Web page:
According to these groups, their campaign came in response to a Kefaya (Enough) movement’s call for Egyptians living abroad “to campaign, explain and introduce the Egyptian cause to the world. Before the protests, the group held a public meeting in London where around 65 journalists, European and Egyptian high-profile speakers explained the Egyptian situation and the challenges facing political activists under the current government.
“The Egyptian judiciary is still a long way from independence, said Shehab Ismail, a protest organizer. “The struggle for the independence of the Egyptian judiciary, a cornerstone of any thriving democracy, is being actively hindered by the Mubarak [government]. The Mubarak [government] is sending clear and heavy-handed signals that peaceful protests, a constitutional right, will not be tolerated.
Activists in Chicago formed a solidarity group with the judges, the Egyptian Committee for Judges Support, calling for the independence of the Egyptian judicial system and a halt to the arrests of protesters.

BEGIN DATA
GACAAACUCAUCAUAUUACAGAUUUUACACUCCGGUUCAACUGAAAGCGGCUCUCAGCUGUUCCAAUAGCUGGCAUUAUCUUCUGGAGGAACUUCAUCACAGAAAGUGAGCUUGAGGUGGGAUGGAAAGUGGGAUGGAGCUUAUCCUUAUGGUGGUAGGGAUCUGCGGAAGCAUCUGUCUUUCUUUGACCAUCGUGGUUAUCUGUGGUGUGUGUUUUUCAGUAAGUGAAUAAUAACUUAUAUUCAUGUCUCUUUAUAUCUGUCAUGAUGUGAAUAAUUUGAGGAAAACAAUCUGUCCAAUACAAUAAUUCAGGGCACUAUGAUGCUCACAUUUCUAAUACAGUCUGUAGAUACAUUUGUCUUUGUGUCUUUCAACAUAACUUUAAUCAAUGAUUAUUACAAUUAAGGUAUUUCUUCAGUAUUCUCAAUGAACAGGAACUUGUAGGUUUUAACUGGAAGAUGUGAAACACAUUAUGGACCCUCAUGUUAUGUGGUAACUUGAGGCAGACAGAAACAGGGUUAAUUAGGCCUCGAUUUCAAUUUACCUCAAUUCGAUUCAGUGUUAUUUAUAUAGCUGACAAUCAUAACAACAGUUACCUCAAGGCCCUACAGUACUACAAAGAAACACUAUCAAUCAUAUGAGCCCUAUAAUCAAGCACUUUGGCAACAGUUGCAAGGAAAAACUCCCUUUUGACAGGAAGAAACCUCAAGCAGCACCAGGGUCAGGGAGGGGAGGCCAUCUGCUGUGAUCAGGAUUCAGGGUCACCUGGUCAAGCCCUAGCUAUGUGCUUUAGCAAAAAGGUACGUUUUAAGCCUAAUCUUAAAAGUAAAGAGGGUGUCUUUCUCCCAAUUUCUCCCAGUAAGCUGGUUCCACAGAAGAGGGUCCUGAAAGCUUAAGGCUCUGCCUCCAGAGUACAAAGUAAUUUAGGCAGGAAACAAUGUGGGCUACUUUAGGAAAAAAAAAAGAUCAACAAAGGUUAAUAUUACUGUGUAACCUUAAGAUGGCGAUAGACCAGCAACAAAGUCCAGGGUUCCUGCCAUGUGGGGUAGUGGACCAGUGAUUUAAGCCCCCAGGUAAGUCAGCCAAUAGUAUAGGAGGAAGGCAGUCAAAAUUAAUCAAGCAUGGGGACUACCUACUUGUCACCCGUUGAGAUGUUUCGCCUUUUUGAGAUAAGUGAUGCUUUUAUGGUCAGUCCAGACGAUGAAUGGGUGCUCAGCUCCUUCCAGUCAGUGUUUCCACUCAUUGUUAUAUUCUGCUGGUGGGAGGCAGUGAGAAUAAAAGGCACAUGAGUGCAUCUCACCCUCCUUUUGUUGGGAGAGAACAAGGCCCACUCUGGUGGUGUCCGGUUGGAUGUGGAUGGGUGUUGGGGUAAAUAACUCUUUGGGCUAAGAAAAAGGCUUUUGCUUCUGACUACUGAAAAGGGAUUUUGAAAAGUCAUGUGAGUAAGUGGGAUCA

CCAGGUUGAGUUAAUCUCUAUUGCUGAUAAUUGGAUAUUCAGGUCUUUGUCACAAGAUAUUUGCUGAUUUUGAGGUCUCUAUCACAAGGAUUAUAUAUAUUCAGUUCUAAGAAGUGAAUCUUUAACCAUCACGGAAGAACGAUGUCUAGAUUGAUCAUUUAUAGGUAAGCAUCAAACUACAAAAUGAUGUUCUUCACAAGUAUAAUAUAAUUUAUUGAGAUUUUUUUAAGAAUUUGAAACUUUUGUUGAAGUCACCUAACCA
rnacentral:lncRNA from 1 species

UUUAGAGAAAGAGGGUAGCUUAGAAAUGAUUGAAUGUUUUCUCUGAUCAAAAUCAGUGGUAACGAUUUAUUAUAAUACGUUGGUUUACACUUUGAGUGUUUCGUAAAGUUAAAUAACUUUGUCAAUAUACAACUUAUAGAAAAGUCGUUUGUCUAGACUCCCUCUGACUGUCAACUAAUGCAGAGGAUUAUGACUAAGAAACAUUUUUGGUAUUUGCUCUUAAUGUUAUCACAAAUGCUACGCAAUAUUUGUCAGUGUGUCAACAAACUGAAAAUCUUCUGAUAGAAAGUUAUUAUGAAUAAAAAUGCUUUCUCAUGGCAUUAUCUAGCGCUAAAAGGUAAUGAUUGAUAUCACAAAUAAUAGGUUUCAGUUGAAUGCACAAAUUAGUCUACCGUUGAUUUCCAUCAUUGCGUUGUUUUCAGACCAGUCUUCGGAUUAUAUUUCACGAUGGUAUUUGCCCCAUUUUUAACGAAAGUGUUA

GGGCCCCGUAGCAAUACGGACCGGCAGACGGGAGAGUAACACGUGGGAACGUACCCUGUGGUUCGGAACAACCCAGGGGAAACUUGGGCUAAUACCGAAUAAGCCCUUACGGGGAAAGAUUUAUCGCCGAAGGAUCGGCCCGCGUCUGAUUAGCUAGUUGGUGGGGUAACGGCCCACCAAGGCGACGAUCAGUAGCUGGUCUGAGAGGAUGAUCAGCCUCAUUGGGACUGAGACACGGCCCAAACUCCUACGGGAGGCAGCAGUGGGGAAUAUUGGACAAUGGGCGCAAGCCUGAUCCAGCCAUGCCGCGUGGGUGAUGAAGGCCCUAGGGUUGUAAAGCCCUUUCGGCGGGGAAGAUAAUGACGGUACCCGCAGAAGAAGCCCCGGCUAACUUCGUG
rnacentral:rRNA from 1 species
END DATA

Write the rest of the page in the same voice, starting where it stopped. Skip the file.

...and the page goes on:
“We oppose the violent repression and arrests in Egypt, stated Sherry Wolf, Chicago protest organizer. “We wish to express our distress at the brutal treatment of peaceful demonstrators calling for legal reform . We call upon the Egyptian authorities to show respect for human rights and the independence of the Egyptian judiciary by releasing the detainees without delay.
On Thursday, the group organized a peaceful protest, attended by around 25 people, in front of the Egyptian consulate to demonstrate solidarity with the Egyptian judges. According to their statement, the group condemns the “brutal crackdown, brutal beatings, unjustified arrest, verbal abuse and threats of sexual assault targeting female demonstrations and journalists, which the Egyptian security police had carried out, targeting pro-reform protesters. The group also believed that “many of the injured demonstrators could not get medical treatment in Egyptian hospitals as they feared arrest.